Aruán Ortiz: Inside Rhythmic Falls

Aruán OrtizInside Rhythmic Falls (Intakt, 2020)

booklet_339.inddTo my suburban ears, the term “Cuban,” applied to music, means flamboyant costumes and screamy horns. But Cuban-born Aruán Ortiz’s Cub(an)ism (Intakt, 2017) was a solo piano album characterized by careful motion and stern, lingering chords. His aesthetic allows for surges of free jazz — I’ve seen them live — but Ortiz’s music is a lot about patience.

Same for Andrew Cyrille. His recent work on ECM has explored quiet spaces and the hovering flow of slow time. They make a fitting pair on Inside Rhythmic Falls, which is mostly a duo album with Cuban percussionist Mauricio Herrera joining occasionally.

Fitting, to the point where this sometimes sounds like a drums album that happens to have piano on it. Pensive tracks such as “Argelier’s Discipline” use Cyrille’s quiet taps as a narrative, with Ortiz adding color on piano.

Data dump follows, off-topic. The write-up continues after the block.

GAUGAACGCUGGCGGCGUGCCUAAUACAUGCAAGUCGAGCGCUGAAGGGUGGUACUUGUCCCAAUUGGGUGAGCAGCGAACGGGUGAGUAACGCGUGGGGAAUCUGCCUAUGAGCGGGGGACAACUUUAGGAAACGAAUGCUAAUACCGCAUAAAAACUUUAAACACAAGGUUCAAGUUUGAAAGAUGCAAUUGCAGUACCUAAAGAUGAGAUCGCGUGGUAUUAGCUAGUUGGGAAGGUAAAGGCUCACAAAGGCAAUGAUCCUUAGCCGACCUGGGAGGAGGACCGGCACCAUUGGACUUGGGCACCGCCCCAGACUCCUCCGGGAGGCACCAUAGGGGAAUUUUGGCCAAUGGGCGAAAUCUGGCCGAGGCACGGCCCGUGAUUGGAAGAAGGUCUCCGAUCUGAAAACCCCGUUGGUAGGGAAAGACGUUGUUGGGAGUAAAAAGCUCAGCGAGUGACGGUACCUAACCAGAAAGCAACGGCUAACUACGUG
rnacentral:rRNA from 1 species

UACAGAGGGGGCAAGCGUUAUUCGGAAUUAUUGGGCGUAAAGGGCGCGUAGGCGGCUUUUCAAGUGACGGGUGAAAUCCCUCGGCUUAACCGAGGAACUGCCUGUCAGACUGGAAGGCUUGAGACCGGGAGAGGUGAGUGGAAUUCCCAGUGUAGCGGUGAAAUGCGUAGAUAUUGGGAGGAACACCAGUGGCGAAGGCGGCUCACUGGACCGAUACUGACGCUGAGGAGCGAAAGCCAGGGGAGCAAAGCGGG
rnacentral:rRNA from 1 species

Even the brisk, spattering “Conversation with the Oaks” has a cerebral side, providing plenty of space to savor Cyrille’s restrained backdrop, his watercolor dabs of snare.

Among the less abstract tracks, “Golden Voice” romps rhythmically, and the spacious “De Cantos y Ñáñigos” has the feel of a deconstructed ballad. “Inside Rhythmic Falls, Part I (Sacred Codes)” is a busy moment featuring Herrera, a forest of clacking behind Cyrille soloing on toms. It feels serious rather than celebratory; this is not made-for-TV Cubanism. It’s more like a a canvas for Cyrille’s soloing, and it’s about communication and culture, not excess.

The album starts with Ortiz’s poem “Lucero Mundo,” spoken by loose overlapping voices over quiet drums. The contrasting closer, “Para ti nengón,” backs Ortiz with rhythmic voices chanting a popular Cuban song. It’s a fittingly quiet coda, with Ortiz casually tossing around some jazzy licks and runs.

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